EPA's list of ENERGY STAR Leaders for 2008 has grown to encompass 65 organizations from across the country, in small towns and big cities alike. School districts dominate the list, comprising two-thirds of all recognized organizations. Commercial real estate companies, healthcare systems, supermarket operators, and hoteliers are also recognized. These Leaders are avoiding more than 580 million pounds of greenhouse gas emissions — equal to those from the electricity use of nearly 35,000 U.S. homes — and saving almost $50 million annually.
EPA is encouraging everyone to put the environment on their gift list before heading to the mall. The ENERGY STAR on products such as home electronics and office equipment make it easy to choose a gift for a loved one and help Mother Earth. With ENERGY STAR throughout the home, the typical homeowner can save more than 30%, or about $700 on annual energy bills, all while giving a gift to the environment by reducing greenhouse gas emissions.
Shop for these ENERGY STAR qualified products:
The U.S. Department of Energy (DOE) and LG Electronics, USA, Inc. (LG) reached an agreement on November 14 to resolve concerns related to energy usage measurements by LG on its French-Door refrigerators with icemakers. As a result of this agreement, LG will suspend its use of the ENERGY STAR label on these models.
Effective November 1, 2008, the ENERGY STAR label on televisions will designate the most efficient TVs in terms of overall energy use, rather than just "off" or standby mode energy use. In 2009, if all televisions sold in the United States met the new ENERGY STAR requirements, the savings in energy costs would be about $1 billion and greenhouse gas emissions would be reduced by the equivalent of about 1 million cars.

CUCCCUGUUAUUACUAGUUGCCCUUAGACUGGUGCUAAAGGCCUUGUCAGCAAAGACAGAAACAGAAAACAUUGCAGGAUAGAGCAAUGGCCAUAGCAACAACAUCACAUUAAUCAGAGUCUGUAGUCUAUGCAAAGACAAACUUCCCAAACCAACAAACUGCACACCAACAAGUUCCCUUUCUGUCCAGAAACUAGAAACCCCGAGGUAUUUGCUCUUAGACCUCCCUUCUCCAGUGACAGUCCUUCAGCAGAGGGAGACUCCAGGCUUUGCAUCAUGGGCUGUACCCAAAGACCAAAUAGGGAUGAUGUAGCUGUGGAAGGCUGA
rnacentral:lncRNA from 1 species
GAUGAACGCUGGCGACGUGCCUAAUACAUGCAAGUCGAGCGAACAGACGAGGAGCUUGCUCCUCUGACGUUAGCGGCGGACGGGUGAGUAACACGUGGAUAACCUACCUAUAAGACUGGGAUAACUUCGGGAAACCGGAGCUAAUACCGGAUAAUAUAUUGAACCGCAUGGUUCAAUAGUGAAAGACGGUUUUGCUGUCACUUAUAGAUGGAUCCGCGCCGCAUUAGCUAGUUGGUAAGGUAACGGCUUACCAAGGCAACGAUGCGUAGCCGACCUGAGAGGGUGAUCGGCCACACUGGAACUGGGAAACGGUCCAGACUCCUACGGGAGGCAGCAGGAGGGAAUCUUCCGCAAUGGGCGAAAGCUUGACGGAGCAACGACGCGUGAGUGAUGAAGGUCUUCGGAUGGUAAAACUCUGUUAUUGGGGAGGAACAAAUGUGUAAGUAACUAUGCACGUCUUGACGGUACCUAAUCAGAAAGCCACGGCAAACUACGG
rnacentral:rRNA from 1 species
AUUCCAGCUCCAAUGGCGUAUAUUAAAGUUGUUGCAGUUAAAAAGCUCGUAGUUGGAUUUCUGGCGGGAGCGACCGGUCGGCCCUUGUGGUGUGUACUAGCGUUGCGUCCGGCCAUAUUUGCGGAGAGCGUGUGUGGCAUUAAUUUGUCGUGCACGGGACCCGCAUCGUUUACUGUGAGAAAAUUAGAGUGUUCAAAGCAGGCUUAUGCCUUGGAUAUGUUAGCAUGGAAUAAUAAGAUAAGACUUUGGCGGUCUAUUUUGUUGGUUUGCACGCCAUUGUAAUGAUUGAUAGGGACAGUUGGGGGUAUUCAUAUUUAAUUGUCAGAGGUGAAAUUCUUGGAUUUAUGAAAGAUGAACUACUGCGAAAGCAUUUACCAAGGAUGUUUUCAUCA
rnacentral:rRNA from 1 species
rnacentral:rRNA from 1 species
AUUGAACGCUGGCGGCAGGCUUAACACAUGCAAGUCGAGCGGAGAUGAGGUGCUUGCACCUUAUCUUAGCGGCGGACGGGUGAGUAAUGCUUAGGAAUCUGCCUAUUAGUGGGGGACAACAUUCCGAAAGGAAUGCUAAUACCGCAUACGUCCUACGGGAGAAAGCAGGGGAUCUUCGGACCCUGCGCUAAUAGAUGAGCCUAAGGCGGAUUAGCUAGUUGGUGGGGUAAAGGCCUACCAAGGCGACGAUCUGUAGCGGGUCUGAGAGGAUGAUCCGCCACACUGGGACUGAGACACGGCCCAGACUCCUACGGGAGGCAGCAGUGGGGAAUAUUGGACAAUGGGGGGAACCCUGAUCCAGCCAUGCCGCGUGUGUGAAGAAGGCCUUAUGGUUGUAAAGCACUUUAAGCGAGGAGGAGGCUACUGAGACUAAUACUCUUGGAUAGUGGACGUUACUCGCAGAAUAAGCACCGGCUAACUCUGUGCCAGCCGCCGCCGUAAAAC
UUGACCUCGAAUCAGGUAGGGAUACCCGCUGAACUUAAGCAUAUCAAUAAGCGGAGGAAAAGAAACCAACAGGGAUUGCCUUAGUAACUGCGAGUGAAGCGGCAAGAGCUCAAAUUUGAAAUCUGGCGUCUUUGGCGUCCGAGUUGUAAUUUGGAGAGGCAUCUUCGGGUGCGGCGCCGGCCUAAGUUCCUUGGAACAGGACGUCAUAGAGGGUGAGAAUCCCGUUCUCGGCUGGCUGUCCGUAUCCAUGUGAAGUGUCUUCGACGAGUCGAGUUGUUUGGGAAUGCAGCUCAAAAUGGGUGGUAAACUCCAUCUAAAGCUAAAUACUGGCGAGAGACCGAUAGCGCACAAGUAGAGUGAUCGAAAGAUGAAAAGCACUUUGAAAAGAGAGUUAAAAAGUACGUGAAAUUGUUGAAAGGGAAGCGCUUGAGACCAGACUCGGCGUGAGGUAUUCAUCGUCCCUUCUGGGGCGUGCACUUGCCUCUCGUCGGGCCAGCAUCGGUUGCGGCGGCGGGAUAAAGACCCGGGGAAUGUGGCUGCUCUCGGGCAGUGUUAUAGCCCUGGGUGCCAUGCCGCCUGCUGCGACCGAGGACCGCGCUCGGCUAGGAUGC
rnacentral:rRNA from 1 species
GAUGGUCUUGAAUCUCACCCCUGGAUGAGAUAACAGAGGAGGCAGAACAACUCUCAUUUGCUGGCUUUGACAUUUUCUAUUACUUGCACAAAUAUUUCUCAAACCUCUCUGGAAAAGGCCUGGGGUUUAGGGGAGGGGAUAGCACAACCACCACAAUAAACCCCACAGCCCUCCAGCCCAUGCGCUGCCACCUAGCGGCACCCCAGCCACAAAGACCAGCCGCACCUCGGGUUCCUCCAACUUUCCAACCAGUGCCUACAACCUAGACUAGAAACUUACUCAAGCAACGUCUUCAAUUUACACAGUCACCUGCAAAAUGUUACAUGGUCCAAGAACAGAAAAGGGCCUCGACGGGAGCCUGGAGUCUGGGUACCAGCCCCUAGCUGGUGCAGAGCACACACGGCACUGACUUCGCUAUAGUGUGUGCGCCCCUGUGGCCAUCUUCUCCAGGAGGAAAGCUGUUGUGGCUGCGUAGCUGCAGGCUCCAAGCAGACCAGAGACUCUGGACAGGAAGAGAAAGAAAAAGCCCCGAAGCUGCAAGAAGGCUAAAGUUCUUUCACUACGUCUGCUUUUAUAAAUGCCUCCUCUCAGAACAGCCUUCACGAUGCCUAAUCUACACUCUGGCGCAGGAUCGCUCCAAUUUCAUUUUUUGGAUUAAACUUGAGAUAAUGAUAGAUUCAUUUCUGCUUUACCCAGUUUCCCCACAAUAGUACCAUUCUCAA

EPA announced a revised specification for ENERGY STAR qualified imaging equipment. Effective July 1, 2009, imaging products — printers, copiers, scanners, fax machines, and all-in-one devices — that have earned the ENERGY STAR will be 14% more efficient than current qualified models, while continuing to deliver the features and functionality consumers have come to expect. If all imaging products sold in the United States met the new specification, consumers would save nearly $500 million a year in energy costs and prevent greenhouse gas emissions equivalent to those of more than 500,000 cars.
EPA celebrates the 4th annual ENERGY STAR Change a Light Day on October 1, by recognizing the more than 1.8 million Americans who have already pledged to change at least one light at home to an ENERGY STAR qualified light. Together these actions will save $220 million dollars in energy bills and prevent the release of 3 billion pounds of greenhouse gases. EPA is now challenging Americans to take the newly expanded ENERGY STAR Pledge to do more in the fight against climate change by taking additional actions that will save them energy at home and at work.